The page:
Frank Turner review: A folk-punk troubadour brings down the house SWG3


Five stars

Frank Turner plays a lot live. To be precise, 2,294 times before Tuesday night’s gig at SWG3 in Glasgow. The former Million Dead frontman has performed in Sierra Leone, Vietnam and international waters. He recently performed in every US state for 50 days and last week used a day off from his UK schedule to travel to Lisbon for a show. If practice makes perfect, he should be pretty good at it by now.

Stepping onto the stage a little after 8 p.m., Turner quickly proves the old adage to be true. The opener to “Four Simple Words” begins with a delicate acoustic intro before backing band The Sleeping Souls enter the scene with a raucous ode to the power of punk rock.

In this spirit of rebellion, the crowd is told that there are only two rules for the show. Number one: don’t be a *** of the head – although we’re picky, there are several subclauses here – and number two: sing along if you know the lyrics.

Turner built his audience the hard way. It’s the 37th time he’s played in Glasgow, the first at the 13th Note Café in 2006, and although he’s only had one top 40, his last five albums have made it into the top three. As a result, there are many who know the words and execute rule two perfectly.

Frank TurnerFrank Turner at SWG3 in Glasgow

A fast-paced first third of the set passes quickly, with the anti-fascist anthem “1933” as a clear climax and “If Ever I Stray” bringing a sea of ​​applause. After “The Next Storm”, the Sleeping Souls quietly walk away to leave the leader alone on stage.

Turner straps on an acoustic guitar to introduce the next song, an ode to his late friend Scott Hutchison of Frightened Rabbit. It will be, we are told, the first time he will perform the song in Scotland and sing “Scott!” Scott! Scott!” out of the crowd. Then it’s hushed attention as Turner recounts speaking to Hutchison from beyond the grave, “He was right there / even though he would kill me just for saying that / given that we’re both atheists.” When the song ends, the applause brings the house down.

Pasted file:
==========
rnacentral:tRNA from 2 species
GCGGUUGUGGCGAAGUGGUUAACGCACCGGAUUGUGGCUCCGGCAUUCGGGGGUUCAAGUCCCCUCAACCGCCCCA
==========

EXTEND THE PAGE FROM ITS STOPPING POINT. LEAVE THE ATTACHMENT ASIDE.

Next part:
A five-song acoustic set leads into the ferocious punk banger “Non Serviam” from recent number one album FTHC and the record’s first single “Havn’t Been Doing So Well” before the crowd is invited to pogo for “Polaroid Picture”. .

Turner can’t be blamed for not getting the job done: before the main set gets closer to “Get Better”, a stagehand is called in to clean up the puddle of sweat he left near the mic stand with a towel. It is this authenticity that is the key to the success of the forties.

Although there is a lot of wit in his lyrics – “musicians who lack friends to form a band are singer-songwriters”, he notes wryly on “The Ballad of Me and My Friends” – there’s also a lot of stuff that might look hopelessly corny in less skilled hands. When Turner sings “there are no rockstars, there are only people playing music” as he invites his audience to “Try This At Home”, it works because the plain meaning is that he means this.

The final song “I Still Believe” draws the biggest single to date, with a large crowd chanting “who would have thought/that after all/something as simple as rock & roll would save us all? “. Maybe guitars, drums and desperate poetry won’t be the salvation of the human race – but for about two hours on Tuesday night in Glasgow, I felt like it might be.

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Raymond I. Langston